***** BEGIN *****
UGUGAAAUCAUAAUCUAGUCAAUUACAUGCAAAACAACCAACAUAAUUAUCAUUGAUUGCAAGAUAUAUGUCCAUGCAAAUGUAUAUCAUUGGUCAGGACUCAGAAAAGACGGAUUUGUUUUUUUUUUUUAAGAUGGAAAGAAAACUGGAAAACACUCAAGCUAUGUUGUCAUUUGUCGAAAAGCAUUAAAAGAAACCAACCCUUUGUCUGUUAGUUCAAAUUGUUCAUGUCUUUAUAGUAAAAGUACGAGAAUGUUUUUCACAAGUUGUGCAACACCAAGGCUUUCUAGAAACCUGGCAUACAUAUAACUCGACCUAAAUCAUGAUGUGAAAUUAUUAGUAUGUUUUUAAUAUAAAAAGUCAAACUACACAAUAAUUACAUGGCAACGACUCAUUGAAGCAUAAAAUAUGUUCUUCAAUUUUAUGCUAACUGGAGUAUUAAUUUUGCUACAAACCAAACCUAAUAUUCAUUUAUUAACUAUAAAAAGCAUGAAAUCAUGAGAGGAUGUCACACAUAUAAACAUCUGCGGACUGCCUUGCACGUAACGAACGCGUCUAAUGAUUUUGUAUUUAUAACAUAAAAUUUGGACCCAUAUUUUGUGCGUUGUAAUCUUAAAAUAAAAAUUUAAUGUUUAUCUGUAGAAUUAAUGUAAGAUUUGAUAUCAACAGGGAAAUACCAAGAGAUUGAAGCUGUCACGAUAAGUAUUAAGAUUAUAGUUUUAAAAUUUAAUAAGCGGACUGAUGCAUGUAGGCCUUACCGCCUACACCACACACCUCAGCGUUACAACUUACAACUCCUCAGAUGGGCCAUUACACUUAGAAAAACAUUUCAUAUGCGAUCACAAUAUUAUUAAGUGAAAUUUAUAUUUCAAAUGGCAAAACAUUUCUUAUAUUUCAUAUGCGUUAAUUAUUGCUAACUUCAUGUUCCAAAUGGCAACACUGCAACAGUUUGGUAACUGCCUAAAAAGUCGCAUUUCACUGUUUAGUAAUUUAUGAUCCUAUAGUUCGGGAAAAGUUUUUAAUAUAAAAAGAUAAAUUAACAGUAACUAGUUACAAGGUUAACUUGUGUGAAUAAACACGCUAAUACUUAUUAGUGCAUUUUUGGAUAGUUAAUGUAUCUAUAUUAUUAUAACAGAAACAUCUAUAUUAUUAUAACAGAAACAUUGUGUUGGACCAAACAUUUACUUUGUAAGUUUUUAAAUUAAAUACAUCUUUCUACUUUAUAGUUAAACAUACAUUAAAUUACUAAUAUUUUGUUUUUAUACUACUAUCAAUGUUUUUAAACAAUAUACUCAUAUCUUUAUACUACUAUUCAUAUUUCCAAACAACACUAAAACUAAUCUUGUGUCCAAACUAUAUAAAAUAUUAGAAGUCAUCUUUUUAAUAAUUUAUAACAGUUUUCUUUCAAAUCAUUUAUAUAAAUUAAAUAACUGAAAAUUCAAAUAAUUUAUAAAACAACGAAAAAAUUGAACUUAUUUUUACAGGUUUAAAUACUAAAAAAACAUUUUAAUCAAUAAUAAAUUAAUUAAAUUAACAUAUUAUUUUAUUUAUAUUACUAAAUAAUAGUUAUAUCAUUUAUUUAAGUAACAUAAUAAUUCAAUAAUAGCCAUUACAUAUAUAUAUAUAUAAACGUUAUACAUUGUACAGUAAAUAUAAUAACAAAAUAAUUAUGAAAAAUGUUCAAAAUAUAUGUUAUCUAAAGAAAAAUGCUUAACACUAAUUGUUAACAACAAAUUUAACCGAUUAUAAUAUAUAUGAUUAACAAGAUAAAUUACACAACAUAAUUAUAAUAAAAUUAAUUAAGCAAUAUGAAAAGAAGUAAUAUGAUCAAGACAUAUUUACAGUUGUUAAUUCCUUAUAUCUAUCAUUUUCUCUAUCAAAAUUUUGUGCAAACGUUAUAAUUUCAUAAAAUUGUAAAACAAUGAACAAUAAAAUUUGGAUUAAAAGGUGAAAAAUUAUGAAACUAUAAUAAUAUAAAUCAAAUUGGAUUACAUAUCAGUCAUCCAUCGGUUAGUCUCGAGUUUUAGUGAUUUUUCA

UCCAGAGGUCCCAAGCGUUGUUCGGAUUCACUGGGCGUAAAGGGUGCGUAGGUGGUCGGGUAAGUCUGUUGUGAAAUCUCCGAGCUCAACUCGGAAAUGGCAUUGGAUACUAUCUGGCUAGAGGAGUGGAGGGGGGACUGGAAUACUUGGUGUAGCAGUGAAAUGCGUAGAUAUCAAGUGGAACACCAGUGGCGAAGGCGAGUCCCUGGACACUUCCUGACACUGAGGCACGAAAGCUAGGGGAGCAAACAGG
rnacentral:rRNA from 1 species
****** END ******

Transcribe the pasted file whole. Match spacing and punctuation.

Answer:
UGUGAAAUCAUAAUCUAGUCAAUUACAUGCAAAACAACCAACAUAAUUAUCAUUGAUUGCAAGAUAUAUGUCCAUGCAAAUGUAUAUCAUUGGUCAGGACUCAGAAAAGACGGAUUUGUUUUUUUUUUUUAAGAUGGAAAGAAAACUGGAAAACACUCAAGCUAUGUUGUCAUUUGUCGAAAAGCAUUAAAAGAAACCAACCCUUUGUCUGUUAGUUCAAAUUGUUCAUGUCUUUAUAGUAAAAGUACGAGAAUGUUUUUCACAAGUUGUGCAACACCAAGGCUUUCUAGAAACCUGGCAUACAUAUAACUCGACCUAAAUCAUGAUGUGAAAUUAUUAGUAUGUUUUUAAUAUAAAAAGUCAAACUACACAAUAAUUACAUGGCAACGACUCAUUGAAGCAUAAAAUAUGUUCUUCAAUUUUAUGCUAACUGGAGUAUUAAUUUUGCUACAAACCAAACCUAAUAUUCAUUUAUUAACUAUAAAAAGCAUGAAAUCAUGAGAGGAUGUCACACAUAUAAACAUCUGCGGACUGCCUUGCACGUAACGAACGCGUCUAAUGAUUUUGUAUUUAUAACAUAAAAUUUGGACCCAUAUUUUGUGCGUUGUAAUCUUAAAAUAAAAAUUUAAUGUUUAUCUGUAGAAUUAAUGUAAGAUUUGAUAUCAACAGGGAAAUACCAAGAGAUUGAAGCUGUCACGAUAAGUAUUAAGAUUAUAGUUUUAAAAUUUAAUAAGCGGACUGAUGCAUGUAGGCCUUACCGCCUACACCACACACCUCAGCGUUACAACUUACAACUCCUCAGAUGGGCCAUUACACUUAGAAAAACAUUUCAUAUGCGAUCACAAUAUUAUUAAGUGAAAUUUAUAUUUCAAAUGGCAAAACAUUUCUUAUAUUUCAUAUGCGUUAAUUAUUGCUAACUUCAUGUUCCAAAUGGCAACACUGCAACAGUUUGGUAACUGCCUAAAAAGUCGCAUUUCACUGUUUAGUAAUUUAUGAUCCUAUAGUUCGGGAAAAGUUUUUAAUAUAAAAAGAUAAAUUAACAGUAACUAGUUACAAGGUUAACUUGUGUGAAUAAACACGCUAAUACUUAUUAGUGCAUUUUUGGAUAGUUAAUGUAUCUAUAUUAUUAUAACAGAAACAUCUAUAUUAUUAUAACAGAAACAUUGUGUUGGACCAAACAUUUACUUUGUAAGUUUUUAAAUUAAAUACAUCUUUCUACUUUAUAGUUAAACAUACAUUAAAUUACUAAUAUUUUGUUUUUAUACUACUAUCAAUGUUUUUAAACAAUAUACUCAUAUCUUUAUACUACUAUUCAUAUUUCCAAACAACACUAAAACUAAUCUUGUGUCCAAACUAUAUAAAAUAUUAGAAGUCAUCUUUUUAAUAAUUUAUAACAGUUUUCUUUCAAAUCAUUUAUAUAAAUUAAAUAACUGAAAAUUCAAAUAAUUUAUAAAACAACGAAAAAAUUGAACUUAUUUUUACAGGUUUAAAUACUAAAAAAACAUUUUAAUCAAUAAUAAAUUAAUUAAAUUAACAUAUUAUUUUAUUUAUAUUACUAAAUAAUAGUUAUAUCAUUUAUUUAAGUAACAUAAUAAUUCAAUAAUAGCCAUUACAUAUAUAUAUAUAUAAACGUUAUACAUUGUACAGUAAAUAUAAUAACAAAAUAAUUAUGAAAAAUGUUCAAAAUAUAUGUUAUCUAAAGAAAAAUGCUUAACACUAAUUGUUAACAACAAAUUUAACCGAUUAUAAUAUAUAUGAUUAACAAGAUAAAUUACACAACAUAAUUAUAAUAAAAUUAAUUAAGCAAUAUGAAAAGAAGUAAUAUGAUCAAGACAUAUUUACAGUUGUUAAUUCCUUAUAUCUAUCAUUUUCUCUAUCAAAAUUUUGUGCAAACGUUAUAAUUUCAUAAAAUUGUAAAACAAUGAACAAUAAAAUUUGGAUUAAAAGGUGAAAAAUUAUGAAACUAUAAUAAUAUAAAUCAAAUUGGAUUACAUAUCAGUCAUCCAUCGGUUAGUCUCGAGUUUUAGUGAUUUUUCA

UCCAGAGGUCCCAAGCGUUGUUCGGAUUCACUGGGCGUAAAGGGUGCGUAGGUGGUCGGGUAAGUCUGUUGUGAAAUCUCCGAGCUCAACUCGGAAAUGGCAUUGGAUACUAUCUGGCUAGAGGAGUGGAGGGGGGACUGGAAUACUUGGUGUAGCAGUGAAAUGCGUAGAUAUCAAGUGGAACACCAGUGGCGAAGGCGAGUCCCUGGACACUUCCUGACACUGAGGCACGAAAGCUAGGGGAGCAAACAGG
rnacentral:rRNA from 1 species